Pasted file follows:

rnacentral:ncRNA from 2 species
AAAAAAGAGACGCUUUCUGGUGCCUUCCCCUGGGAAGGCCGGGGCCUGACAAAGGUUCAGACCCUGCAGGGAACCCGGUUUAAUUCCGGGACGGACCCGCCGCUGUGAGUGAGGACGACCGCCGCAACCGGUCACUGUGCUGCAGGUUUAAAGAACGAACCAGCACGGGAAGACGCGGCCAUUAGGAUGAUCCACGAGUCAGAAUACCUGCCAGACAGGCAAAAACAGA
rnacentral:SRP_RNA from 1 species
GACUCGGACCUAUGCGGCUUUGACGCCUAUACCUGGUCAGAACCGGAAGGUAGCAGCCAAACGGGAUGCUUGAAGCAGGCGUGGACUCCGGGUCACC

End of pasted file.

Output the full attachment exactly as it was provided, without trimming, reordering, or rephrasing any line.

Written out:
rnacentral:ncRNA from 2 species
AAAAAAGAGACGCUUUCUGGUGCCUUCCCCUGGGAAGGCCGGGGCCUGACAAAGGUUCAGACCCUGCAGGGAACCCGGUUUAAUUCCGGGACGGACCCGCCGCUGUGAGUGAGGACGACCGCCGCAACCGGUCACUGUGCUGCAGGUUUAAAGAACGAACCAGCACGGGAAGACGCGGCCAUUAGGAUGAUCCACGAGUCAGAAUACCUGCCAGACAGGCAAAAACAGA
rnacentral:SRP_RNA from 1 species
GACUCGGACCUAUGCGGCUUUGACGCCUAUACCUGGUCAGAACCGGAAGGUAGCAGCCAAACGGGAUGCUUGAAGCAGGCGUGGACUCCGGGUCACC